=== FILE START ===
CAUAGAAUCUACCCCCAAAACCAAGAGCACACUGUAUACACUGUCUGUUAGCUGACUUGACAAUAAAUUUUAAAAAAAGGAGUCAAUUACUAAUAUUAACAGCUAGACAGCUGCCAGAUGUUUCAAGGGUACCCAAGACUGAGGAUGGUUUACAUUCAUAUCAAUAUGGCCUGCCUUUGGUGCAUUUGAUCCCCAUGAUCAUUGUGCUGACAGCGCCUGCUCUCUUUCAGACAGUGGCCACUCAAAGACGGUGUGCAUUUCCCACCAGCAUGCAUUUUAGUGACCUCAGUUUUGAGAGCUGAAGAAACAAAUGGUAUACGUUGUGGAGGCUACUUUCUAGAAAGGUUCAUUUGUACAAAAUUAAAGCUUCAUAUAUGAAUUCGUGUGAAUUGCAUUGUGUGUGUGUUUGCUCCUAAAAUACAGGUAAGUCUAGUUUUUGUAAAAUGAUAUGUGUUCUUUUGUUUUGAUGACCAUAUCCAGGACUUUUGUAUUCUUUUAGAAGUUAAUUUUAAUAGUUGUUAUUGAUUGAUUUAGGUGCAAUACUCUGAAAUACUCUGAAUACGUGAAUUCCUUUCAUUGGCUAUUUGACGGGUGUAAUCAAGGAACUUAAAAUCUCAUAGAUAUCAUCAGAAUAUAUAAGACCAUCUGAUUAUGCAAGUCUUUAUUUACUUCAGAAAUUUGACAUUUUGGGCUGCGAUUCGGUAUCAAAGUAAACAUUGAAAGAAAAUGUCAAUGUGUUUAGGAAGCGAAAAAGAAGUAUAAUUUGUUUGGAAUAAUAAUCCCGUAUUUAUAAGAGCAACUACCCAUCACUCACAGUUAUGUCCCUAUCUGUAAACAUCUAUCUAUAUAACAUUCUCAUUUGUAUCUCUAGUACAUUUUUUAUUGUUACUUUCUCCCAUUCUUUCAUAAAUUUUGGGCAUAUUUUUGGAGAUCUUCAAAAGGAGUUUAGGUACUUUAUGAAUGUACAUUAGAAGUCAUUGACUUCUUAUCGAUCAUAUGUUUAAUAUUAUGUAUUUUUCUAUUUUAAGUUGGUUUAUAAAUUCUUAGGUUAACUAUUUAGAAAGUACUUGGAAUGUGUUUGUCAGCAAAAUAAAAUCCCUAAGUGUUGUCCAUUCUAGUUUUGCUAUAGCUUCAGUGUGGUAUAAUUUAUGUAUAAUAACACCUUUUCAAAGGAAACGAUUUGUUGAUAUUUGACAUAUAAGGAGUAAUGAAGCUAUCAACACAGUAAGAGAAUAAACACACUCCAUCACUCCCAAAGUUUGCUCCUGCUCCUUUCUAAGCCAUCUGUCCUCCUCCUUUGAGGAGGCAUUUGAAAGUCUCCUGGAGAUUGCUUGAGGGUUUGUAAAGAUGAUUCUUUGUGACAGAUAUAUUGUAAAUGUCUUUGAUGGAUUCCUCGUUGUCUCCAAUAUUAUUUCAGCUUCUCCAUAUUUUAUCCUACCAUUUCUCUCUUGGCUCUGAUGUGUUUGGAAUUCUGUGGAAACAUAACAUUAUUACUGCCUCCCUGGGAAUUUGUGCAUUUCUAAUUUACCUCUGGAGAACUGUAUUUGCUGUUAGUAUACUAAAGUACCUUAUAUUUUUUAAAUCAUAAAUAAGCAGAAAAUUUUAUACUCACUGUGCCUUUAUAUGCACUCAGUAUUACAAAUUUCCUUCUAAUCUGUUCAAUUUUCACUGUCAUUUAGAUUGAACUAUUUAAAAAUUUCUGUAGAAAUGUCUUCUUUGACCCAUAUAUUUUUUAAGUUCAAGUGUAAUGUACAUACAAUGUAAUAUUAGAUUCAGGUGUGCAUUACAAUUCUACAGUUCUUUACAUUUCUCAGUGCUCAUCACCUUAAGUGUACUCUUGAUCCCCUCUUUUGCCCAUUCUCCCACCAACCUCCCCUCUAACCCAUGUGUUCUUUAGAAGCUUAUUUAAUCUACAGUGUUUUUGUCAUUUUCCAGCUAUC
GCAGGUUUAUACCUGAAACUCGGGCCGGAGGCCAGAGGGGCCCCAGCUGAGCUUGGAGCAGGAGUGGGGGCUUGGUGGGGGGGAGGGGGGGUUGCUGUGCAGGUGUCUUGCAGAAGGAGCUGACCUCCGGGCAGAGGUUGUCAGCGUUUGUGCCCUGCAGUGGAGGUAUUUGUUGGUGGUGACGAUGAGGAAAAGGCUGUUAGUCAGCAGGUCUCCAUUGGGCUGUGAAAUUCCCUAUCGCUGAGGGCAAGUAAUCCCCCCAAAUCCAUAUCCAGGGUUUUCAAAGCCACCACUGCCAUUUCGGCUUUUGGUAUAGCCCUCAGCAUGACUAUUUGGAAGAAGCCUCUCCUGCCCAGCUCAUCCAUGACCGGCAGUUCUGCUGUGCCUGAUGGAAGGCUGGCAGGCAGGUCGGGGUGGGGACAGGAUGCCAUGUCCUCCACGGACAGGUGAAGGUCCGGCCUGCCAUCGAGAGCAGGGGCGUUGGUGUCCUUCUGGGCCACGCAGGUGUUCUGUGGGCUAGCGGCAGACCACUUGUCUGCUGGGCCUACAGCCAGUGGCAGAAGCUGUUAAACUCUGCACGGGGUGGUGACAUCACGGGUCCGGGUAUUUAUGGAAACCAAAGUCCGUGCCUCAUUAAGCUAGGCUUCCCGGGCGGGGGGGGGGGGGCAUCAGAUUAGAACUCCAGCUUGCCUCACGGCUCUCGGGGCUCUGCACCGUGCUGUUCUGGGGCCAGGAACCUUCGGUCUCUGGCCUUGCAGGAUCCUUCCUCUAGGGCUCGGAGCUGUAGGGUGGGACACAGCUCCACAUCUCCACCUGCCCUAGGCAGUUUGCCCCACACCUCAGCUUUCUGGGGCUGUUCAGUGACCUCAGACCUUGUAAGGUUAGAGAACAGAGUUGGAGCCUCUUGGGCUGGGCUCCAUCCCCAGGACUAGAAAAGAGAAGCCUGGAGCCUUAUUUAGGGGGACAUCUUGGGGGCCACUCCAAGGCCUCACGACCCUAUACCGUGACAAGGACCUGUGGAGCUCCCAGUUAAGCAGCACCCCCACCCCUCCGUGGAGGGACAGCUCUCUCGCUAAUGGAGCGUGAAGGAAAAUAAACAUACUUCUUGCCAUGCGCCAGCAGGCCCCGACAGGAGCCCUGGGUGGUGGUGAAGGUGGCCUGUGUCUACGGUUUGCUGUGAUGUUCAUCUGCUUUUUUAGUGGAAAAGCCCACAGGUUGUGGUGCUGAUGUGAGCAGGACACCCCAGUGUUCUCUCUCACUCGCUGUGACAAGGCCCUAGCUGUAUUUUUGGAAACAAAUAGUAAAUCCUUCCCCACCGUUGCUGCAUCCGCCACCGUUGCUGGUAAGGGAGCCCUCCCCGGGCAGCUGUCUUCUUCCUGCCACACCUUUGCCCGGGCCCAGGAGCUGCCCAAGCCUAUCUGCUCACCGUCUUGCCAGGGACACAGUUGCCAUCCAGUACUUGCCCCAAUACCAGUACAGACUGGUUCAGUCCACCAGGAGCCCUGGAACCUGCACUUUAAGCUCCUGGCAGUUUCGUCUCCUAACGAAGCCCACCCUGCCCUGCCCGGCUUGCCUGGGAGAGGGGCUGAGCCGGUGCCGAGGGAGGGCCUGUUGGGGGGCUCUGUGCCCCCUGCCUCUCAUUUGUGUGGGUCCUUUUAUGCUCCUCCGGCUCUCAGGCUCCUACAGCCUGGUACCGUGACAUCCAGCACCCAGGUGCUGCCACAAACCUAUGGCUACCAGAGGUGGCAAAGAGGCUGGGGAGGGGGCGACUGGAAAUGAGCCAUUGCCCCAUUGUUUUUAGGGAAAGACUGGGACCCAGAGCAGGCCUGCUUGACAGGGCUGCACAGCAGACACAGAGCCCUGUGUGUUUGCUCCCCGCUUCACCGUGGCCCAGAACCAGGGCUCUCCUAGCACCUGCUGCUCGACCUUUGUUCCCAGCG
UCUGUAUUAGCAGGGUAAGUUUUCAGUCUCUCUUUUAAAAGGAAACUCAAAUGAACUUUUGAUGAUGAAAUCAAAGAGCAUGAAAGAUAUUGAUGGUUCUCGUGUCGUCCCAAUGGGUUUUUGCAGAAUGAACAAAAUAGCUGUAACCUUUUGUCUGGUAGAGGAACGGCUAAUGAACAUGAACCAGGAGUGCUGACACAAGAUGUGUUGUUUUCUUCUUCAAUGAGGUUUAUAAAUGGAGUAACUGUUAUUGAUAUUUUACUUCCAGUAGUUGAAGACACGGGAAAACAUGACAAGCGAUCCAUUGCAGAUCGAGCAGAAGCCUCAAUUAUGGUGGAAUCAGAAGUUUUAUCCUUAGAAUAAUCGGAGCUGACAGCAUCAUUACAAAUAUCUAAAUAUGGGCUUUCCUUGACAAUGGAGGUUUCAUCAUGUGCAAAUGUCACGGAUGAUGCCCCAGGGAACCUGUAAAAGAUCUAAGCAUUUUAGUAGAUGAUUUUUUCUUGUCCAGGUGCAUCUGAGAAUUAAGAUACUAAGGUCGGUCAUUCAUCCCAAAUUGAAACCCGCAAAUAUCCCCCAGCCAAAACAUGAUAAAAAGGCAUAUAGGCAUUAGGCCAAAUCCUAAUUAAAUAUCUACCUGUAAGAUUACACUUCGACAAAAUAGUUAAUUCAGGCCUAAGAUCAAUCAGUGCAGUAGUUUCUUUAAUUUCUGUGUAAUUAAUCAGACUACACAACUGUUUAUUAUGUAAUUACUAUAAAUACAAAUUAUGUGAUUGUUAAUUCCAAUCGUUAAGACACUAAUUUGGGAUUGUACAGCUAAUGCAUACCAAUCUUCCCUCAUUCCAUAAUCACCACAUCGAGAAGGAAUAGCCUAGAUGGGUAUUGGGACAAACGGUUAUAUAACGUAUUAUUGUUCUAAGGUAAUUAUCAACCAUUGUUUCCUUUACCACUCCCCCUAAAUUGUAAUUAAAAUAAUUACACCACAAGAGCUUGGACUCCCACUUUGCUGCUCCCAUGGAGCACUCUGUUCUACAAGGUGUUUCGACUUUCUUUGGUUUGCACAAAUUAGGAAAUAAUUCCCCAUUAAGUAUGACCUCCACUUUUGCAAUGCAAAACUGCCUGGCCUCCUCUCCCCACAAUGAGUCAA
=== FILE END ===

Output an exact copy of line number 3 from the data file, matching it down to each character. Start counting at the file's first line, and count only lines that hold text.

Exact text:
UCUGUAUUAGCAGGGUAAGUUUUCAGUCUCUCUUUUAAAAGGAAACUCAAAUGAACUUUUGAUGAUGAAAUCAAAGAGCAUGAAAGAUAUUGAUGGUUCUCGUGUCGUCCCAAUGGGUUUUUGCAGAAUGAACAAAAUAGCUGUAACCUUUUGUCUGGUAGAGGAACGGCUAAUGAACAUGAACCAGGAGUGCUGACACAAGAUGUGUUGUUUUCUUCUUCAAUGAGGUUUAUAAAUGGAGUAACUGUUAUUGAUAUUUUACUUCCAGUAGUUGAAGACACGGGAAAACAUGACAAGCGAUCCAUUGCAGAUCGAGCAGAAGCCUCAAUUAUGGUGGAAUCAGAAGUUUUAUCCUUAGAAUAAUCGGAGCUGACAGCAUCAUUACAAAUAUCUAAAUAUGGGCUUUCCUUGACAAUGGAGGUUUCAUCAUGUGCAAAUGUCACGGAUGAUGCCCCAGGGAACCUGUAAAAGAUCUAAGCAUUUUAGUAGAUGAUUUUUUCUUGUCCAGGUGCAUCUGAGAAUUAAGAUACUAAGGUCGGUCAUUCAUCCCAAAUUGAAACCCGCAAAUAUCCCCCAGCCAAAACAUGAUAAAAAGGCAUAUAGGCAUUAGGCCAAAUCCUAAUUAAAUAUCUACCUGUAAGAUUACACUUCGACAAAAUAGUUAAUUCAGGCCUAAGAUCAAUCAGUGCAGUAGUUUCUUUAAUUUCUGUGUAAUUAAUCAGACUACACAACUGUUUAUUAUGUAAUUACUAUAAAUACAAAUUAUGUGAUUGUUAAUUCCAAUCGUUAAGACACUAAUUUGGGAUUGUACAGCUAAUGCAUACCAAUCUUCCCUCAUUCCAUAAUCACCACAUCGAGAAGGAAUAGCCUAGAUGGGUAUUGGGACAAACGGUUAUAUAACGUAUUAUUGUUCUAAGGUAAUUAUCAACCAUUGUUUCCUUUACCACUCCCCCUAAAUUGUAAUUAAAAUAAUUACACCACAAGAGCUUGGACUCCCACUUUGCUGCUCCCAUGGAGCACUCUGUUCUACAAGGUGUUUCGACUUUCUUUGGUUUGCACAAAUUAGGAAAUAAUUCCCCAUUAAGUAUGACCUCCACUUUUGCAAUGCAAAACUGCCUGGCCUCCUCUCCCCACAAUGAGUCAA